Hi Elizabeth (and everyone on list),
Thank you so much for your responses on this topic. This has been very helpful for us in formulating our policies.
After gathering responses from this list, conferring with colleagues offline, and performing a literature survey, we've decided for now to scale back on our inline tagging within finding aids, and place the terms we would have tagged throughout the finding aid in <controlaccess> which would match the entries in our MARC records.
However, despite our decision, a project like Elizabeth's at Emory is something that we also discussed when reviewing the responses we had amassed. We discussed if we should we continue inline tagging to facilitate the repurposing of finding aid data for future generation of maps and other resources. We weren't sure, so I'm opening it up to the list in case anyone has any ideas: What uses of the data would make you consider doing inline tagging?
From: Encoded Archival Description List [mailto:[log in to unmask]] On Behalf Of Roke, Elizabeth Russey
Sent: Friday, October 25, 2013 9:59 AM
To: [log in to unmask]
Subject: Re: Evaluating inline EAD tagging practices in finding aids
I'M a bit late responding to this conversation, but Emory is experimenting with increasing our use of <corpname>, <persname>, and <geogname>, so I wanted to chime in.
In the past we (as others have mentioned) primarily used this sort of tagging in the <controlaccess> section of our finding aids, which almost completely matches our MARC controlled access headings. However, as part of an experiment to work with RDF and more fully expose the various names and places within our finding aids, we've begun tagging as many names as we can in some of our finding aids using ead tagging, matching those names with DBPedia, VIAF, and Geonames, and then using that data to generate RDFa (which will also be available to researchers to harvest). We are currently working with ways to exploit that information including generating maps and creating deeper links within finding aids. For us, using the EAD tags was a shortcut to embedding semantic links within finding aids.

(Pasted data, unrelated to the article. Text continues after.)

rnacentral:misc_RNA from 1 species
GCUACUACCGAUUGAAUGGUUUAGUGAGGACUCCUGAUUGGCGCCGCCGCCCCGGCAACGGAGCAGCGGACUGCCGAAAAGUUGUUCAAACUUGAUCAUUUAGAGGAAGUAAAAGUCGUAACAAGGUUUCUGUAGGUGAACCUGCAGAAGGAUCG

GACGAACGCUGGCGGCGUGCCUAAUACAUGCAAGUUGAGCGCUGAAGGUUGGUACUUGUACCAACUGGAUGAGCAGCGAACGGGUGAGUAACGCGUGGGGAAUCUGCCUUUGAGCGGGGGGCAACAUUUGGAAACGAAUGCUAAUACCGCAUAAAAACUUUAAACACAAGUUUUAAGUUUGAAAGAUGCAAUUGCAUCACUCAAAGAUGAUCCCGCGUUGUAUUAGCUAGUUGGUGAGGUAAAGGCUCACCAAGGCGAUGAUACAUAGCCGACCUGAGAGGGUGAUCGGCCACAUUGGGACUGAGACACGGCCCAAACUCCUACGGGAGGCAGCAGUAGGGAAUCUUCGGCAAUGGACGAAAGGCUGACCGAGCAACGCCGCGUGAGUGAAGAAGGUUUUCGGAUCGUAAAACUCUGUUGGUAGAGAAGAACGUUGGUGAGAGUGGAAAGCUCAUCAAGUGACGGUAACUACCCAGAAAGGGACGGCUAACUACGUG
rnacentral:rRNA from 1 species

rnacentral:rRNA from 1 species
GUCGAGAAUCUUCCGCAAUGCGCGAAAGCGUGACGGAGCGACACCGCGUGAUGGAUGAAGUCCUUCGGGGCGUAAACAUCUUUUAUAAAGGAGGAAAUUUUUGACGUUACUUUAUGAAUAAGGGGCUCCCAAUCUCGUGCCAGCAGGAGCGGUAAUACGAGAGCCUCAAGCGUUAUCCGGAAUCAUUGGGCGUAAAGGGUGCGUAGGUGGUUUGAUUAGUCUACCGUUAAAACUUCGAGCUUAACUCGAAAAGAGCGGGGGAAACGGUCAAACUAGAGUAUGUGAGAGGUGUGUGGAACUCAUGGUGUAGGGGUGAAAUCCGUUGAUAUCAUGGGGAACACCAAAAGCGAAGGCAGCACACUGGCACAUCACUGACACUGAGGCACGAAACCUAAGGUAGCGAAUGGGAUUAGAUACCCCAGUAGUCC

For more information, see our project blog:
Elizabeth Russey Roke
Manuscript, Archives, and Rare Book Library (MARBL) Emory University, Atlanta, GA 30322
On 10/21/13 11:44 AM, "<Jennifer B Pelose>" <[log in to unmask]>
>**Apologies for cross-postings**
>The Harvard University Archives is re-evaluating its inline EAD tagging
>policies in our finding aids and we are curious to know what other
>repositories are doing. Can you provide us with a short description of
>the tagging practices at your institution on
>€ How much tagging of <corpname>, <persname>, <subject>, <genreform>,
><geogname>, etc. do you do in finding aids?
>€ Do you use several tags or just a few?
>€ How much tagging do you consider sufficient to provide researcher
>access to your finding aids?
>Any feedback would be greatly appreciated.
>Processing Archivist/Project Manager
>Harvard University Archives
>Pusey Library - Harvard Yard
>Email: [log in to unmask]
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